I’m thinking A LOT about how deep listening and brave spaces are rare and how much better we would feel if we could bring our whole selves to our work and our lives. We can get really good at self-editing and before you know it – it becomes ingrained. We get good at what we practice.
You might have just built yourself a mask for self protection. This is useful but there’s is a cost.
When you find yourself telling the truth in a City Council meeting, your community behind you. That’s the brave realness I’m talking about. That’s what supporters of the New London People’s Budget did.
How can we each create space for each other to be ourselves? How can telling the truth and deep listening be part of this? Being shoulder to shoulder in the work is a start. If we all do it together new norms get built.
This thinking is fueling dreams of building my storytelling work.
For example, I would love to partner with granting organizations to tell the stories of their grantees. Specifically around work that is forwarding equity. How much better would it be to share a story rather than file a report? 🙂
Storytelling is not new. Storytelling is underutilized as a way to foster connection, partnership, and community.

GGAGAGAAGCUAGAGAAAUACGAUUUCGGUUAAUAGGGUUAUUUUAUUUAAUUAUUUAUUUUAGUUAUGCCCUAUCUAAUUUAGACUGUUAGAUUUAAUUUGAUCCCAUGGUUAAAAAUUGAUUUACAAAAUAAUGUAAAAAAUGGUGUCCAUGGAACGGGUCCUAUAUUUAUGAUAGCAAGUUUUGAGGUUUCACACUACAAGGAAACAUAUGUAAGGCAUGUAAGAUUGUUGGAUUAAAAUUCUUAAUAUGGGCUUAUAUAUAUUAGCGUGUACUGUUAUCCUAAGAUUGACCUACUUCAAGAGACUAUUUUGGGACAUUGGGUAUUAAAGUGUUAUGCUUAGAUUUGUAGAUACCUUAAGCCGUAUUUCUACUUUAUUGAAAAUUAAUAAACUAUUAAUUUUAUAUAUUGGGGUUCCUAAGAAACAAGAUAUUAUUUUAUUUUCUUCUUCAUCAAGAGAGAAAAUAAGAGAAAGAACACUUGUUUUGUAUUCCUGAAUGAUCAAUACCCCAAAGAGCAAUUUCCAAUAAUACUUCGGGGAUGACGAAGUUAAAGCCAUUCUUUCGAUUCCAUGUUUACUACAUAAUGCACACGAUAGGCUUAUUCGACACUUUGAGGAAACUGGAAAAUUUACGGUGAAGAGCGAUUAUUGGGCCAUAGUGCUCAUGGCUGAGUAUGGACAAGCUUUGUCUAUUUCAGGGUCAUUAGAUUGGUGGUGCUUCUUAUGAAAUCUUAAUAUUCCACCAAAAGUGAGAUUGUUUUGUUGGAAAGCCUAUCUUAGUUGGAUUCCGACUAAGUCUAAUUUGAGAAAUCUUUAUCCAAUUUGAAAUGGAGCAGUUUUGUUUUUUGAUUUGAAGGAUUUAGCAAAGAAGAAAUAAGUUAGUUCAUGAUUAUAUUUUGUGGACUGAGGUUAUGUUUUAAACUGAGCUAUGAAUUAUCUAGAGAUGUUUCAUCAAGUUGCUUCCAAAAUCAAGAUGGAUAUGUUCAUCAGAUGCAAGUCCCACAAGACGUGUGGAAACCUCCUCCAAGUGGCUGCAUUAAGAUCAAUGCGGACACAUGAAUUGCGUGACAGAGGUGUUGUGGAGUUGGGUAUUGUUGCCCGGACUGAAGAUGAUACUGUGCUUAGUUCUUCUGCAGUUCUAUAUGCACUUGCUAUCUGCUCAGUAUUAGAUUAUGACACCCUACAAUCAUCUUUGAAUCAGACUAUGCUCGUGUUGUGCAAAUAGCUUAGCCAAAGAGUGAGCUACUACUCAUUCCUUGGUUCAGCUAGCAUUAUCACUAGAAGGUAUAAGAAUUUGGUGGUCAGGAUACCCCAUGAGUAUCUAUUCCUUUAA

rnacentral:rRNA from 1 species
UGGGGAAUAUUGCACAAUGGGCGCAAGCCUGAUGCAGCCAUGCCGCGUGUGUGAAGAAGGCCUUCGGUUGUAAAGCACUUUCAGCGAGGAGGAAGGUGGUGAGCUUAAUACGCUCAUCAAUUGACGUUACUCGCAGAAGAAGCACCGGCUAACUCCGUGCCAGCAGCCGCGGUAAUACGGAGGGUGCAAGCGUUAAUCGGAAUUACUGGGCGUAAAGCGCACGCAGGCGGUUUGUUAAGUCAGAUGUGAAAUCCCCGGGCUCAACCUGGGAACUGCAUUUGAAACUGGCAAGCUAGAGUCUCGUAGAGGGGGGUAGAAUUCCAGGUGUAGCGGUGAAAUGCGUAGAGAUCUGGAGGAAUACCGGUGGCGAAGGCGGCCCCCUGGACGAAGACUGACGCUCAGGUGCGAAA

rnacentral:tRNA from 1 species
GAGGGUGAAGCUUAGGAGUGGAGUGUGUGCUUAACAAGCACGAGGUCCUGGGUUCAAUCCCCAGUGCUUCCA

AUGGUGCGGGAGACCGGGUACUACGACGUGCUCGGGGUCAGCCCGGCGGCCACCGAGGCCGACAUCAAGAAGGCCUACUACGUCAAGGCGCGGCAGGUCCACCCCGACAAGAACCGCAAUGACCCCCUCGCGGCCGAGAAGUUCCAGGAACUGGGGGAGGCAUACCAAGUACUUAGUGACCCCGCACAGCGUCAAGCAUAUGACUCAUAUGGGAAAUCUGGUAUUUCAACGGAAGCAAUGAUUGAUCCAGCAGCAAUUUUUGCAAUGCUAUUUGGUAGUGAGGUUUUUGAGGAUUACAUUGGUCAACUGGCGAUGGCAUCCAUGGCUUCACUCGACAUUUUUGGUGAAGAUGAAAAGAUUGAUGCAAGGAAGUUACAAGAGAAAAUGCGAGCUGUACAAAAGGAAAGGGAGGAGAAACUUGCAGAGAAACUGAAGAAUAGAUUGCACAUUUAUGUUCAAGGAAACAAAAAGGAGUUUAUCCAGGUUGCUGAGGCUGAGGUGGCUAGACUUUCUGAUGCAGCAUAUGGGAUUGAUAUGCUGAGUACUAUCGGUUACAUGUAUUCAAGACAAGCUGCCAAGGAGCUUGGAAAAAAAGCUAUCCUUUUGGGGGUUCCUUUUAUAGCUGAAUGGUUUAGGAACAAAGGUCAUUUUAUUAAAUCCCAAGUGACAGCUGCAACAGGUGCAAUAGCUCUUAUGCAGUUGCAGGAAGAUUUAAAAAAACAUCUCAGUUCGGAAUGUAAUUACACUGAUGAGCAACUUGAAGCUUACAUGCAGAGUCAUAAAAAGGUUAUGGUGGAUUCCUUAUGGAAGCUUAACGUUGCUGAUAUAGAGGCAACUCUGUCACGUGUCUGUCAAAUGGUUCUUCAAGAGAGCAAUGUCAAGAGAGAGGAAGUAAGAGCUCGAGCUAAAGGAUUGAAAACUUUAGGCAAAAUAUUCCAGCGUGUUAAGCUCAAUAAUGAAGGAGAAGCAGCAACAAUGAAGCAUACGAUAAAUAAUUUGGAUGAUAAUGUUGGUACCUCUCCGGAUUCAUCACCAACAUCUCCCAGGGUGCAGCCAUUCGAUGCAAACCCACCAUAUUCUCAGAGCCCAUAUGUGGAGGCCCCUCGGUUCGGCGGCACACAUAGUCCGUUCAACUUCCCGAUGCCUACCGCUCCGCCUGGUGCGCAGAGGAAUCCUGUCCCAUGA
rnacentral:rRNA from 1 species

What can making a story do that a report generally does not do?
1. A well facilitated recording session makes grantees feel heard. When I record, I sit with individuals and teams for about 90 minutes to 2 hours. I listen and ask questions to better understand. Our talks meander. Sometimes people give voice to struggles or successes that the whole team did not know about. Sometimes beautiful ideas are created. The stakes of why the work must be done always emerge.
2. It is a partnership strategy. Instead of requiring work to submit information in written form – it is a creative outlet that results in a product that grantees can use with community members, their boards, and possible new funders. For example, a piece that I made about food justice that featured the group, FRESH New London, is being shared with the Connecticut Food Policy Council prior to a site visit.
3. It makes a grant portfolio come alive. Each grantees story provides important details on why an entire portfolio matters and would would be lost if it wasn’t there.
4. It can support relationships with local media. For example, the stories that I have made have been featured on WPKN 89.5 FM. It is an independent radio station and the show, Mic Check, that I have been contributing to elevates local and national work done by activists and others pursuing equity.
5. It’s fun! I would not still be doing this work as a volunteer if it made storytellers feel bad.
Are you a funder or a grantee? What do you think about this idea?